"There was a whole movement surrounding the Buddha, often referred to as the Sramana movement, characterized by the investigation of the human condition using various experiential methods. Many of these methods were certainly psychological, and we might even call some of them scientific. Rebelling against an orthodox intelligentsia that relied on revealed scriptural authority to guide a ritual communication with external deities, the Sramanas, or Wanderers, were more apt to use yoga, asceticism, and meditation to access an internal landscape and gain personal insights into the nature of their own minds and bodies. Their methods of inquiry constituted a body of shared praxis, and the experiences accessed and insights gained were largely repeatable and verifiable. Thus the tradition went beyond the contributions of a few individuals, and built up profundity and authority over many generations. The Buddha was both an heir to this psychologically investigative tradition and one of its greatest contributors."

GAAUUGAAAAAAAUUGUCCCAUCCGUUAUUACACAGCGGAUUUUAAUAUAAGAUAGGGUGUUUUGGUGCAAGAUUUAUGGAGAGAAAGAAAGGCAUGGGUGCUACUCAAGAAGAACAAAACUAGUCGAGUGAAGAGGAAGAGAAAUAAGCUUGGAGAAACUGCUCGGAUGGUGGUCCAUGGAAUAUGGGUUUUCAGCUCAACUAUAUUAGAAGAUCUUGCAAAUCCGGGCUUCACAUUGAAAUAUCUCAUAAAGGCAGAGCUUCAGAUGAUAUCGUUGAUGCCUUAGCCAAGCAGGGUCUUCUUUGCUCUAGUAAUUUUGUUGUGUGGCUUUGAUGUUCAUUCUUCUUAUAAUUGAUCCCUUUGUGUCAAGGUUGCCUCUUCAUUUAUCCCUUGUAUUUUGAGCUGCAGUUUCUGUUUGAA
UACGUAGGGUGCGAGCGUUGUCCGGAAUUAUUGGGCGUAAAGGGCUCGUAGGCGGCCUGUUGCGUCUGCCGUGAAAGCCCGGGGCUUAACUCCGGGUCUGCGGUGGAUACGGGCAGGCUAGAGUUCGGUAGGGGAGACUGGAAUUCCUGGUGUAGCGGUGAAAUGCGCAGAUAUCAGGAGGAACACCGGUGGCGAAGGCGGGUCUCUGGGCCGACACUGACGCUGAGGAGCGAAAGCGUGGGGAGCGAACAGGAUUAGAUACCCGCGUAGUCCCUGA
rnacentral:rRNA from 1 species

Andrew Olendzki: "Buddhist Psychology", Chapter 1, from:
Seth Robert Segall ed. "Encountering Buddhism: Western Psychology and Buddhist Teachings", SUNY Press, 2003.